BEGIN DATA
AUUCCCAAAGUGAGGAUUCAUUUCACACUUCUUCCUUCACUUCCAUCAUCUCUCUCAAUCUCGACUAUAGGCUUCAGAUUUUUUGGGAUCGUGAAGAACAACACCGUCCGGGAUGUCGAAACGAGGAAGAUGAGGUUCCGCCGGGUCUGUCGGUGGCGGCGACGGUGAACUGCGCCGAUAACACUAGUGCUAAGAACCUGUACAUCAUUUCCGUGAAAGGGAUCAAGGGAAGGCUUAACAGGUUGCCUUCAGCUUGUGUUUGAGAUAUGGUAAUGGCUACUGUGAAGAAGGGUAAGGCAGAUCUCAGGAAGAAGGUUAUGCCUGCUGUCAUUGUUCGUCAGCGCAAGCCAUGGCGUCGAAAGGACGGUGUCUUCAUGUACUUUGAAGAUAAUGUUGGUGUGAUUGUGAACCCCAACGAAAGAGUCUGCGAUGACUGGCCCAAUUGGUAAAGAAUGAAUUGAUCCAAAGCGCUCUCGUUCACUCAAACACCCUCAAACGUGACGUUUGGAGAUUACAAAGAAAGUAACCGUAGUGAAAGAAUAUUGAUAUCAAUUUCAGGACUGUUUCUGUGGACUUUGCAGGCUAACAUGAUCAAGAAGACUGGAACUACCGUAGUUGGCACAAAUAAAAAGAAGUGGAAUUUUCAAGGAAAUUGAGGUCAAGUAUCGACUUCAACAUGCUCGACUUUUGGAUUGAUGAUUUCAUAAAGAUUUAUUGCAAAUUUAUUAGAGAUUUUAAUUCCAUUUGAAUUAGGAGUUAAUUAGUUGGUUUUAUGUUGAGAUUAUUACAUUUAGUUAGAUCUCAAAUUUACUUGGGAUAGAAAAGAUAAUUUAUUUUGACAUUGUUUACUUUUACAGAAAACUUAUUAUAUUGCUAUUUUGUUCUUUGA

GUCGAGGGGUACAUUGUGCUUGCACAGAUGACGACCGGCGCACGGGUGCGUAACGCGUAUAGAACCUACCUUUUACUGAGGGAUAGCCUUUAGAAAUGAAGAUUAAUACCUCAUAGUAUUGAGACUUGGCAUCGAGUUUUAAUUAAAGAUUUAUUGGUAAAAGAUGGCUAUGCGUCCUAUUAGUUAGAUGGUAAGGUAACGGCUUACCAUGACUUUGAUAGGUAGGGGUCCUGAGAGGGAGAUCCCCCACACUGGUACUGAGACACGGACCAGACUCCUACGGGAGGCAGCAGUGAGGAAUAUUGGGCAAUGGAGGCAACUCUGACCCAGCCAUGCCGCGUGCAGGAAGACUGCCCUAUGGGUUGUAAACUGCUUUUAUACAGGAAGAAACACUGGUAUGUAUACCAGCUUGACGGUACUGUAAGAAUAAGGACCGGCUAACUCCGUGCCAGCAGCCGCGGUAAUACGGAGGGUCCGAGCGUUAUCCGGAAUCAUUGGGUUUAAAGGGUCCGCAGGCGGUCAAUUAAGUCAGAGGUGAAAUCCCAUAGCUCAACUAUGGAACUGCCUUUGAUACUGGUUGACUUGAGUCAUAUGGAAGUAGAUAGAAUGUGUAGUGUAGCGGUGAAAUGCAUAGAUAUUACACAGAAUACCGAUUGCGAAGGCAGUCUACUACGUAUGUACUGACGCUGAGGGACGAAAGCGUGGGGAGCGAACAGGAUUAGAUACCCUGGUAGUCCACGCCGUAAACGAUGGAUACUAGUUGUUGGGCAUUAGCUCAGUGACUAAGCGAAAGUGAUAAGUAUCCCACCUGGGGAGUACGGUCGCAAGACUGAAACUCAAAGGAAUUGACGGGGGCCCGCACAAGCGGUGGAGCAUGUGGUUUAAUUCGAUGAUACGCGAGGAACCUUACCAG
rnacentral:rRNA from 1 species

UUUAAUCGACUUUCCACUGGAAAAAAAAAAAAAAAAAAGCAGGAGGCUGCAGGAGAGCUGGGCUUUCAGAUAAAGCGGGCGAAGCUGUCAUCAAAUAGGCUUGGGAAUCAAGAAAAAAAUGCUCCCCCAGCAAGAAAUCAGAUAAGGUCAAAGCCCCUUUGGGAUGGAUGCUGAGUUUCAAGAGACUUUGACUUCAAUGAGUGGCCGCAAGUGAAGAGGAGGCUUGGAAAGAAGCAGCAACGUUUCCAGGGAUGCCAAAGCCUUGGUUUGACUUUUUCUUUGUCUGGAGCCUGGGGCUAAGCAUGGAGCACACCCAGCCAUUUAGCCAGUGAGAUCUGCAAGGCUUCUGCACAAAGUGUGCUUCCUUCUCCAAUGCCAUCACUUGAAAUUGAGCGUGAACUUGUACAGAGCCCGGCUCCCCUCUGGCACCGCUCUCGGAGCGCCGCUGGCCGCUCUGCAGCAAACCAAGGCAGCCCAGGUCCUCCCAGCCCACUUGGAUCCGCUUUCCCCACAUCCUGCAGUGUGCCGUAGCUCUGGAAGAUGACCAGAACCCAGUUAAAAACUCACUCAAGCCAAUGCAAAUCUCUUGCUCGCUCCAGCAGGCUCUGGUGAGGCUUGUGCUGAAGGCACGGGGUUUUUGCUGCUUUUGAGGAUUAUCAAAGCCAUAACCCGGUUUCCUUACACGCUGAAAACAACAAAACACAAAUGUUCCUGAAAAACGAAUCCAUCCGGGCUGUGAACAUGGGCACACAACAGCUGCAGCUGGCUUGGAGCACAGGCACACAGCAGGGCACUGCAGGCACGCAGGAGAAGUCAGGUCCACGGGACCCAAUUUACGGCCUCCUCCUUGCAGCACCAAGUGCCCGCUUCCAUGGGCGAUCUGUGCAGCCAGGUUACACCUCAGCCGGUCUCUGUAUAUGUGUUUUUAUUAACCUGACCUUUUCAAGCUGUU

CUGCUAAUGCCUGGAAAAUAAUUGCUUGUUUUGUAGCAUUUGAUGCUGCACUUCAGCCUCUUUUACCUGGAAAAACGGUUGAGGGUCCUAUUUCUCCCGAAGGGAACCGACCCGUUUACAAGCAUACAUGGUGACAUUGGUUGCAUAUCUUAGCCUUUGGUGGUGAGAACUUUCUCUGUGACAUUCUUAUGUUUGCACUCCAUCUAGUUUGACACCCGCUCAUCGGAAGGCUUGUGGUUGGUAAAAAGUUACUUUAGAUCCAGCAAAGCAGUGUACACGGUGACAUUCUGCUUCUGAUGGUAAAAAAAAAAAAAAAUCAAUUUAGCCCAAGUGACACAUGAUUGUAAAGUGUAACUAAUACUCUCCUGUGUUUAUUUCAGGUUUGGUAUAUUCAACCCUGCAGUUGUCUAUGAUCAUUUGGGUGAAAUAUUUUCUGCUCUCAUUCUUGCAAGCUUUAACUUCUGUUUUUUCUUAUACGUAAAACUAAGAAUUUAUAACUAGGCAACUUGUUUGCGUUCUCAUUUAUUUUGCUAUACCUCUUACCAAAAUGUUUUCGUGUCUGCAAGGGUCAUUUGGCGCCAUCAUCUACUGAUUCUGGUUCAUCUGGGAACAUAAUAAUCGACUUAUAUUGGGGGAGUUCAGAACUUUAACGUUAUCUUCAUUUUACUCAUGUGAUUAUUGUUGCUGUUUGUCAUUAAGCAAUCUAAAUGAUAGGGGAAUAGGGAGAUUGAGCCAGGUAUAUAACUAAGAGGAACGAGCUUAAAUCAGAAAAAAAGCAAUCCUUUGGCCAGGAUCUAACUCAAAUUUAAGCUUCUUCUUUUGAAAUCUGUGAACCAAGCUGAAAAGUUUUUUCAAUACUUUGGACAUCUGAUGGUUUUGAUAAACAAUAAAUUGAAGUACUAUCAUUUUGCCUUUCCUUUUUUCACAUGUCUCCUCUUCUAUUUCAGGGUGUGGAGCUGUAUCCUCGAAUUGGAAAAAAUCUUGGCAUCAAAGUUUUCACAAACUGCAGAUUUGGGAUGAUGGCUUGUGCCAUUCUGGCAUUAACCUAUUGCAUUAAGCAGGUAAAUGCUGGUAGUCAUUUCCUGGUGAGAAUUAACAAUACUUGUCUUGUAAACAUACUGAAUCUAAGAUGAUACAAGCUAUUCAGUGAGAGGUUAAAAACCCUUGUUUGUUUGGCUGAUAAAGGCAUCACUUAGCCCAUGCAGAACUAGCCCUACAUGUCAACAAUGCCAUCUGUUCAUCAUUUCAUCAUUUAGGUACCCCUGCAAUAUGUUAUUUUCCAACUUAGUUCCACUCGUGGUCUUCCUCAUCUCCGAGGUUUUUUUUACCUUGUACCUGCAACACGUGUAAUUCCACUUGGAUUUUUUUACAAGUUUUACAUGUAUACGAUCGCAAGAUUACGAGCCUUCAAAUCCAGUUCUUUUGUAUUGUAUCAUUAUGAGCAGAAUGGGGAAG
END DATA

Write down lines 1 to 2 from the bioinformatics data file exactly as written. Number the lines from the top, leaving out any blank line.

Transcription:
AUUCCCAAAGUGAGGAUUCAUUUCACACUUCUUCCUUCACUUCCAUCAUCUCUCUCAAUCUCGACUAUAGGCUUCAGAUUUUUUGGGAUCGUGAAGAACAACACCGUCCGGGAUGUCGAAACGAGGAAGAUGAGGUUCCGCCGGGUCUGUCGGUGGCGGCGACGGUGAACUGCGCCGAUAACACUAGUGCUAAGAACCUGUACAUCAUUUCCGUGAAAGGGAUCAAGGGAAGGCUUAACAGGUUGCCUUCAGCUUGUGUUUGAGAUAUGGUAAUGGCUACUGUGAAGAAGGGUAAGGCAGAUCUCAGGAAGAAGGUUAUGCCUGCUGUCAUUGUUCGUCAGCGCAAGCCAUGGCGUCGAAAGGACGGUGUCUUCAUGUACUUUGAAGAUAAUGUUGGUGUGAUUGUGAACCCCAACGAAAGAGUCUGCGAUGACUGGCCCAAUUGGUAAAGAAUGAAUUGAUCCAAAGCGCUCUCGUUCACUCAAACACCCUCAAACGUGACGUUUGGAGAUUACAAAGAAAGUAACCGUAGUGAAAGAAUAUUGAUAUCAAUUUCAGGACUGUUUCUGUGGACUUUGCAGGCUAACAUGAUCAAGAAGACUGGAACUACCGUAGUUGGCACAAAUAAAAAGAAGUGGAAUUUUCAAGGAAAUUGAGGUCAAGUAUCGACUUCAACAUGCUCGACUUUUGGAUUGAUGAUUUCAUAAAGAUUUAUUGCAAAUUUAUUAGAGAUUUUAAUUCCAUUUGAAUUAGGAGUUAAUUAGUUGGUUUUAUGUUGAGAUUAUUACAUUUAGUUAGAUCUCAAAUUUACUUGGGAUAGAAAAGAUAAUUUAUUUUGACAUUGUUUACUUUUACAGAAAACUUAUUAUAUUGCUAUUUUGUUCUUUGA

GUCGAGGGGUACAUUGUGCUUGCACAGAUGACGACCGGCGCACGGGUGCGUAACGCGUAUAGAACCUACCUUUUACUGAGGGAUAGCCUUUAGAAAUGAAGAUUAAUACCUCAUAGUAUUGAGACUUGGCAUCGAGUUUUAAUUAAAGAUUUAUUGGUAAAAGAUGGCUAUGCGUCCUAUUAGUUAGAUGGUAAGGUAACGGCUUACCAUGACUUUGAUAGGUAGGGGUCCUGAGAGGGAGAUCCCCCACACUGGUACUGAGACACGGACCAGACUCCUACGGGAGGCAGCAGUGAGGAAUAUUGGGCAAUGGAGGCAACUCUGACCCAGCCAUGCCGCGUGCAGGAAGACUGCCCUAUGGGUUGUAAACUGCUUUUAUACAGGAAGAAACACUGGUAUGUAUACCAGCUUGACGGUACUGUAAGAAUAAGGACCGGCUAACUCCGUGCCAGCAGCCGCGGUAAUACGGAGGGUCCGAGCGUUAUCCGGAAUCAUUGGGUUUAAAGGGUCCGCAGGCGGUCAAUUAAGUCAGAGGUGAAAUCCCAUAGCUCAACUAUGGAACUGCCUUUGAUACUGGUUGACUUGAGUCAUAUGGAAGUAGAUAGAAUGUGUAGUGUAGCGGUGAAAUGCAUAGAUAUUACACAGAAUACCGAUUGCGAAGGCAGUCUACUACGUAUGUACUGACGCUGAGGGACGAAAGCGUGGGGAGCGAACAGGAUUAGAUACCCUGGUAGUCCACGCCGUAAACGAUGGAUACUAGUUGUUGGGCAUUAGCUCAGUGACUAAGCGAAAGUGAUAAGUAUCCCACCUGGGGAGUACGGUCGCAAGACUGAAACUCAAAGGAAUUGACGGGGGCCCGCACAAGCGGUGGAGCAUGUGGUUUAAUUCGAUGAUACGCGAGGAACCUUACCAG